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Taking the ‘positive body image’ talk to the catwalk [2010]

Taking the talk to the catwalk: The Australian Government will be taking real action to promote positive body image amongst young Australians, with an investment of $500,000 to support the new initiatives.

The fashion and media industry has suffered numerous criticisms in the past, with controversies such as using ‘size-zero’ models on the catwalk, and exploiting negative body images that have been digitally-retouched in magazines

In response to the National Advisory Group’s concern for the fashion industry, Minister for Youth, Kate Ellis, introduced the government’s Voluntary Industry Code of Conduct on Body Image at yesterday’s conference.

Ellis announced that the newly-proposed initiatives will assist in building young people’s resilience to negative body image pressures whilst promoting leadership and positive cultural change.

“I am calling on industry professionals to work in partnership with the Government and the community,” Ms Ellis said.

“If we move beyond the ‘business as usual’ approach, and take real action to promote positive body image, it will definitely showcase real and positive change within these incredibly influential industries.”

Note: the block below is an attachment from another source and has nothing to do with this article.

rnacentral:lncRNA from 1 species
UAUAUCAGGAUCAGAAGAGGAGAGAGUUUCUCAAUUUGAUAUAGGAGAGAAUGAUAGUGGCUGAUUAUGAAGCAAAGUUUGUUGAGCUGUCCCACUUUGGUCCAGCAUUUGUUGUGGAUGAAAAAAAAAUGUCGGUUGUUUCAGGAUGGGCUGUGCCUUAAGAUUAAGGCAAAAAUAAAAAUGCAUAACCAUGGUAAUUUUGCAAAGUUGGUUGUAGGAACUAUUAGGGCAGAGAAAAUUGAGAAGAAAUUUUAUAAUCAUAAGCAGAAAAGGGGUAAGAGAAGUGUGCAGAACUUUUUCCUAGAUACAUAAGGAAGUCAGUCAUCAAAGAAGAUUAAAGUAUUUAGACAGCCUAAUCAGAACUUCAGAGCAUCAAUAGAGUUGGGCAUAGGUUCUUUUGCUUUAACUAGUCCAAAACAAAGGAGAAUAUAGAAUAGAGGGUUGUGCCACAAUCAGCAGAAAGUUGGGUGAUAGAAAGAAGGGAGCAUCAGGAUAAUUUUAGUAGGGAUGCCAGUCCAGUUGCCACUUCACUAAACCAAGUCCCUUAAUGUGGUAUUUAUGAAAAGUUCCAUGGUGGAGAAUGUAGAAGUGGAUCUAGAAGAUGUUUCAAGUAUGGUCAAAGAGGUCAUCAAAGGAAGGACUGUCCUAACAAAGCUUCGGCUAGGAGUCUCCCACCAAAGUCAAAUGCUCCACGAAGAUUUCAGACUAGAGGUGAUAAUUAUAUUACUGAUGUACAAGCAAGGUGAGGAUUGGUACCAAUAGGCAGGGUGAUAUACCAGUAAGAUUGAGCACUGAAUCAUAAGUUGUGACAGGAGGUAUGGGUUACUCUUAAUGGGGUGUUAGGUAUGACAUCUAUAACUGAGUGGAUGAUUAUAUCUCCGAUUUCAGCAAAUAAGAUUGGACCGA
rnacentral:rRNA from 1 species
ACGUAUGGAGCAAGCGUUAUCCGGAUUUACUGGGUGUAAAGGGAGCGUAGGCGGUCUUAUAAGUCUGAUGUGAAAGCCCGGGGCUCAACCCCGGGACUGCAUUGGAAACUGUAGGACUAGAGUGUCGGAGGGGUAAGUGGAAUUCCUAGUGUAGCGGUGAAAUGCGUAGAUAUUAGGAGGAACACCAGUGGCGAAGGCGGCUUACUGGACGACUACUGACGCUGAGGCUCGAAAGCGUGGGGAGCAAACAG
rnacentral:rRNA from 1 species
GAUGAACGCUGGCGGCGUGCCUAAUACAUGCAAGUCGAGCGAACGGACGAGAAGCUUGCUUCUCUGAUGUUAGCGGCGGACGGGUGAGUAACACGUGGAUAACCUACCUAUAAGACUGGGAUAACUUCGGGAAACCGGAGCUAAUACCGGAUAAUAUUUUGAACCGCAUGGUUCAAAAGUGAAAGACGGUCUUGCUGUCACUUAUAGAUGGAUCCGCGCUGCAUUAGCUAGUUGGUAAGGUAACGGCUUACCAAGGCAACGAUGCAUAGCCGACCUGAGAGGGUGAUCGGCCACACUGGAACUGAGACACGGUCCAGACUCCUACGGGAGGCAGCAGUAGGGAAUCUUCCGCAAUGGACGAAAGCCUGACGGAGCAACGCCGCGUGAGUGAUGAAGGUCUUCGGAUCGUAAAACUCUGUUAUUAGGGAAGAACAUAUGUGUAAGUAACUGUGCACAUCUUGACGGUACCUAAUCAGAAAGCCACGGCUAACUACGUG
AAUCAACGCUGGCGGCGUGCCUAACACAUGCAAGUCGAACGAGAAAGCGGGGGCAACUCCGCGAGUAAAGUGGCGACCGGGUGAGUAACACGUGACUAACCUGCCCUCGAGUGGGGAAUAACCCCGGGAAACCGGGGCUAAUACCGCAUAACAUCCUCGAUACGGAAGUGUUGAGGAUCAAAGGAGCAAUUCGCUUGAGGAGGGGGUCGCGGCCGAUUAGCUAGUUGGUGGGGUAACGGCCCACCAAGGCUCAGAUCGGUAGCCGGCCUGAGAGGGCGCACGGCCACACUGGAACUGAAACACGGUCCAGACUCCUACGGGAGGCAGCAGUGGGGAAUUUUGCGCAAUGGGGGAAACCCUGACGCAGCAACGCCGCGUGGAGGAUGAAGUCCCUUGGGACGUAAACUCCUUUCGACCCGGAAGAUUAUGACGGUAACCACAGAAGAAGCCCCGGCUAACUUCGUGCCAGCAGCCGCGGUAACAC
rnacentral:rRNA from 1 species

A recent report discovered that an alarming 87% of the models in the fashion industry are presenting a body shape that is beyond impossible for most young women.

The Code not only expects organisations to illustrate ongoing body image friendly principles within their business practices and policies, but body image friendly initiatives and products as well, such as campaigns to increase young people’s media literacy about digital-retouching in magazines.

A new national ‘Body Image Friendly Awards Scheme’ will also be launched, rewarding industry organisations who exhibit genuine commitment and action towards the support for positive body image. This involves the ‘Body Image Friendly’ symbol which can be utilised as a marketing tool, signalling to consumers that its organisation’s brand or product embraces positive action on body image.

“This symbol builds on the momentum for changes that already exists in the fashion, media and beauty industries. It has great potential to become a point of differentiation for products being sold in the market,” Ms Ellis said.

The Australian government hopes that the new initiative will not only encourage and initiate healthier and positive practices of showcasing positive body image on the catwalk, but within the media and advertising industries as well.


Jun 28th, 2010



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